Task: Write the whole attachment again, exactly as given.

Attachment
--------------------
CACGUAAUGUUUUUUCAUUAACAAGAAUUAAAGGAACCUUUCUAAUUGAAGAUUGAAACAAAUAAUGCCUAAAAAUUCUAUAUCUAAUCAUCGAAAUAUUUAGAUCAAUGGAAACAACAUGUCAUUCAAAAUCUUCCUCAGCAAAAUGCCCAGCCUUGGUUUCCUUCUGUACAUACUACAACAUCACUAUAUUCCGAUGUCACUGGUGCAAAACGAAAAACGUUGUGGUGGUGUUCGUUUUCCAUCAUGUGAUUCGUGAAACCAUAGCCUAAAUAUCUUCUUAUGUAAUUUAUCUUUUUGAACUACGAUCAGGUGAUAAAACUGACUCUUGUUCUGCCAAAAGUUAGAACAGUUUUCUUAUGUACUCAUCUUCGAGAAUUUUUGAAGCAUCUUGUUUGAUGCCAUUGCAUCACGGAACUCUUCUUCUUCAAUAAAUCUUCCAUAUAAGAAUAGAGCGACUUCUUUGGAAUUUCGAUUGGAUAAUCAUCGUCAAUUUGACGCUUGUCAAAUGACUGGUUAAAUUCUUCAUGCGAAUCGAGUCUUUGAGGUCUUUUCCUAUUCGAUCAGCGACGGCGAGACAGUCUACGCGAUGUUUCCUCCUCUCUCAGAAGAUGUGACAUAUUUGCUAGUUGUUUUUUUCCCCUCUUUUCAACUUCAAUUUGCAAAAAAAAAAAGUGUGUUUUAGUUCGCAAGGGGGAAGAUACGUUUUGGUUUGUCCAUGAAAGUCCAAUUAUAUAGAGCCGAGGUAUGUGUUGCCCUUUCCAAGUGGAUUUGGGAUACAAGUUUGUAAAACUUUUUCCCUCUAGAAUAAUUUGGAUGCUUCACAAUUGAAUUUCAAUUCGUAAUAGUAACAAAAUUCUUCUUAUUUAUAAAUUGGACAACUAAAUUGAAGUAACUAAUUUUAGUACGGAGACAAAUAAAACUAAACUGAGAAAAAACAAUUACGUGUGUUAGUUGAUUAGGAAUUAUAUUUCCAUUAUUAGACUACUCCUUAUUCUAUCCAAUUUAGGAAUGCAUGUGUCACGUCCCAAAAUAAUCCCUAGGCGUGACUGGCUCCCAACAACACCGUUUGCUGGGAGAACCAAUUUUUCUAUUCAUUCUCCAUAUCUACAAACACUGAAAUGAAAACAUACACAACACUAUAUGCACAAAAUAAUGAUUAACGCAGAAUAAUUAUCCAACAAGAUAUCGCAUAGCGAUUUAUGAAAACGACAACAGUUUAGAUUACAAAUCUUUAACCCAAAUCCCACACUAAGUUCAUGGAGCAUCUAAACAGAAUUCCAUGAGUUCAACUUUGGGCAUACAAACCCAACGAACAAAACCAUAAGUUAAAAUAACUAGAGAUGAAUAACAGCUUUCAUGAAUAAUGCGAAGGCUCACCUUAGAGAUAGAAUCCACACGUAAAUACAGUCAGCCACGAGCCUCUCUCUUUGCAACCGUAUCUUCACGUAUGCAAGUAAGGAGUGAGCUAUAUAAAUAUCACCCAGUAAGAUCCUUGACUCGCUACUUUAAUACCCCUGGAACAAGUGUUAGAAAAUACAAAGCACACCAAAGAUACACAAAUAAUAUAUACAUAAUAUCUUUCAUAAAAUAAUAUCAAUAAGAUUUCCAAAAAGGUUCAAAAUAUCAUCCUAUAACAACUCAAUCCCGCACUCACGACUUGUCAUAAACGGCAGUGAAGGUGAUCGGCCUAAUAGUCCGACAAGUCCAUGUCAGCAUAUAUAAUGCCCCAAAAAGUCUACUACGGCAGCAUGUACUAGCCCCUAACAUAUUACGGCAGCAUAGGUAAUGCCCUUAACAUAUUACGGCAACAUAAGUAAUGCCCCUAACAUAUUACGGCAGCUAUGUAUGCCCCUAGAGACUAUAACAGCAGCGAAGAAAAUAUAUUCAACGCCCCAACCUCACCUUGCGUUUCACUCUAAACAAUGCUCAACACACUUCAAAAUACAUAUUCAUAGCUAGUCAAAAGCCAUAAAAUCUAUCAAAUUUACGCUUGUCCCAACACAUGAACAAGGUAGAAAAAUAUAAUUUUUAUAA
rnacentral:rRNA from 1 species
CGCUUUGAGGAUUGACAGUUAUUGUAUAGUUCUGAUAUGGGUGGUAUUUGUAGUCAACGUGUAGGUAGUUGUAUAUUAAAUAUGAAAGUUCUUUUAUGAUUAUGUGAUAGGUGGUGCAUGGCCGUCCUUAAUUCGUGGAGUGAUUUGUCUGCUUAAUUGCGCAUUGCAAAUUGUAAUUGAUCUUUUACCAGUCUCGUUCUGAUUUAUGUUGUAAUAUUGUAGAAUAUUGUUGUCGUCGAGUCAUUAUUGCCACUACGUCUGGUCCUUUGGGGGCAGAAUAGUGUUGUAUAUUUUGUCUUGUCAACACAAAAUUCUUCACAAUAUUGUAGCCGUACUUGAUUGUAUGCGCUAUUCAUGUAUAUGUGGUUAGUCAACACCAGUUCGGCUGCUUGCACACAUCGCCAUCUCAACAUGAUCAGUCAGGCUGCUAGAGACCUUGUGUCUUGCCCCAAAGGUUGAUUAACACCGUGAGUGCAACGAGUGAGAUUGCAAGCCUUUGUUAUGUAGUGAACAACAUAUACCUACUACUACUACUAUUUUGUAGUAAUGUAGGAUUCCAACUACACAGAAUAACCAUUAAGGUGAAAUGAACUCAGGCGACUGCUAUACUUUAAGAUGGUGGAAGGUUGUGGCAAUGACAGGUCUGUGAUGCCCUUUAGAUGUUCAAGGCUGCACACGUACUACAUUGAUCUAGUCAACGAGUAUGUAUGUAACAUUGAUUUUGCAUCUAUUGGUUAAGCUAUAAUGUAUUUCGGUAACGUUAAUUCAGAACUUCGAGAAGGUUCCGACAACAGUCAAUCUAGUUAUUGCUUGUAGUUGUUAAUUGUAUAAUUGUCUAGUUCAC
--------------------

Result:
CACGUAAUGUUUUUUCAUUAACAAGAAUUAAAGGAACCUUUCUAAUUGAAGAUUGAAACAAAUAAUGCCUAAAAAUUCUAUAUCUAAUCAUCGAAAUAUUUAGAUCAAUGGAAACAACAUGUCAUUCAAAAUCUUCCUCAGCAAAAUGCCCAGCCUUGGUUUCCUUCUGUACAUACUACAACAUCACUAUAUUCCGAUGUCACUGGUGCAAAACGAAAAACGUUGUGGUGGUGUUCGUUUUCCAUCAUGUGAUUCGUGAAACCAUAGCCUAAAUAUCUUCUUAUGUAAUUUAUCUUUUUGAACUACGAUCAGGUGAUAAAACUGACUCUUGUUCUGCCAAAAGUUAGAACAGUUUUCUUAUGUACUCAUCUUCGAGAAUUUUUGAAGCAUCUUGUUUGAUGCCAUUGCAUCACGGAACUCUUCUUCUUCAAUAAAUCUUCCAUAUAAGAAUAGAGCGACUUCUUUGGAAUUUCGAUUGGAUAAUCAUCGUCAAUUUGACGCUUGUCAAAUGACUGGUUAAAUUCUUCAUGCGAAUCGAGUCUUUGAGGUCUUUUCCUAUUCGAUCAGCGACGGCGAGACAGUCUACGCGAUGUUUCCUCCUCUCUCAGAAGAUGUGACAUAUUUGCUAGUUGUUUUUUUCCCCUCUUUUCAACUUCAAUUUGCAAAAAAAAAAAGUGUGUUUUAGUUCGCAAGGGGGAAGAUACGUUUUGGUUUGUCCAUGAAAGUCCAAUUAUAUAGAGCCGAGGUAUGUGUUGCCCUUUCCAAGUGGAUUUGGGAUACAAGUUUGUAAAACUUUUUCCCUCUAGAAUAAUUUGGAUGCUUCACAAUUGAAUUUCAAUUCGUAAUAGUAACAAAAUUCUUCUUAUUUAUAAAUUGGACAACUAAAUUGAAGUAACUAAUUUUAGUACGGAGACAAAUAAAACUAAACUGAGAAAAAACAAUUACGUGUGUUAGUUGAUUAGGAAUUAUAUUUCCAUUAUUAGACUACUCCUUAUUCUAUCCAAUUUAGGAAUGCAUGUGUCACGUCCCAAAAUAAUCCCUAGGCGUGACUGGCUCCCAACAACACCGUUUGCUGGGAGAACCAAUUUUUCUAUUCAUUCUCCAUAUCUACAAACACUGAAAUGAAAACAUACACAACACUAUAUGCACAAAAUAAUGAUUAACGCAGAAUAAUUAUCCAACAAGAUAUCGCAUAGCGAUUUAUGAAAACGACAACAGUUUAGAUUACAAAUCUUUAACCCAAAUCCCACACUAAGUUCAUGGAGCAUCUAAACAGAAUUCCAUGAGUUCAACUUUGGGCAUACAAACCCAACGAACAAAACCAUAAGUUAAAAUAACUAGAGAUGAAUAACAGCUUUCAUGAAUAAUGCGAAGGCUCACCUUAGAGAUAGAAUCCACACGUAAAUACAGUCAGCCACGAGCCUCUCUCUUUGCAACCGUAUCUUCACGUAUGCAAGUAAGGAGUGAGCUAUAUAAAUAUCACCCAGUAAGAUCCUUGACUCGCUACUUUAAUACCCCUGGAACAAGUGUUAGAAAAUACAAAGCACACCAAAGAUACACAAAUAAUAUAUACAUAAUAUCUUUCAUAAAAUAAUAUCAAUAAGAUUUCCAAAAAGGUUCAAAAUAUCAUCCUAUAACAACUCAAUCCCGCACUCACGACUUGUCAUAAACGGCAGUGAAGGUGAUCGGCCUAAUAGUCCGACAAGUCCAUGUCAGCAUAUAUAAUGCCCCAAAAAGUCUACUACGGCAGCAUGUACUAGCCCCUAACAUAUUACGGCAGCAUAGGUAAUGCCCUUAACAUAUUACGGCAACAUAAGUAAUGCCCCUAACAUAUUACGGCAGCUAUGUAUGCCCCUAGAGACUAUAACAGCAGCGAAGAAAAUAUAUUCAACGCCCCAACCUCACCUUGCGUUUCACUCUAAACAAUGCUCAACACACUUCAAAAUACAUAUUCAUAGCUAGUCAAAAGCCAUAAAAUCUAUCAAAUUUACGCUUGUCCCAACACAUGAACAAGGUAGAAAAAUAUAAUUUUUAUAA
rnacentral:rRNA from 1 species
CGCUUUGAGGAUUGACAGUUAUUGUAUAGUUCUGAUAUGGGUGGUAUUUGUAGUCAACGUGUAGGUAGUUGUAUAUUAAAUAUGAAAGUUCUUUUAUGAUUAUGUGAUAGGUGGUGCAUGGCCGUCCUUAAUUCGUGGAGUGAUUUGUCUGCUUAAUUGCGCAUUGCAAAUUGUAAUUGAUCUUUUACCAGUCUCGUUCUGAUUUAUGUUGUAAUAUUGUAGAAUAUUGUUGUCGUCGAGUCAUUAUUGCCACUACGUCUGGUCCUUUGGGGGCAGAAUAGUGUUGUAUAUUUUGUCUUGUCAACACAAAAUUCUUCACAAUAUUGUAGCCGUACUUGAUUGUAUGCGCUAUUCAUGUAUAUGUGGUUAGUCAACACCAGUUCGGCUGCUUGCACACAUCGCCAUCUCAACAUGAUCAGUCAGGCUGCUAGAGACCUUGUGUCUUGCCCCAAAGGUUGAUUAACACCGUGAGUGCAACGAGUGAGAUUGCAAGCCUUUGUUAUGUAGUGAACAACAUAUACCUACUACUACUACUAUUUUGUAGUAAUGUAGGAUUCCAACUACACAGAAUAACCAUUAAGGUGAAAUGAACUCAGGCGACUGCUAUACUUUAAGAUGGUGGAAGGUUGUGGCAAUGACAGGUCUGUGAUGCCCUUUAGAUGUUCAAGGCUGCACACGUACUACAUUGAUCUAGUCAACGAGUAUGUAUGUAACAUUGAUUUUGCAUCUAUUGGUUAAGCUAUAAUGUAUUUCGGUAACGUUAAUUCAGAACUUCGAGAAGGUUCCGACAACAGUCAAUCUAGUUAUUGCUUGUAGUUGUUAAUUGUAUAAUUGUCUAGUUCAC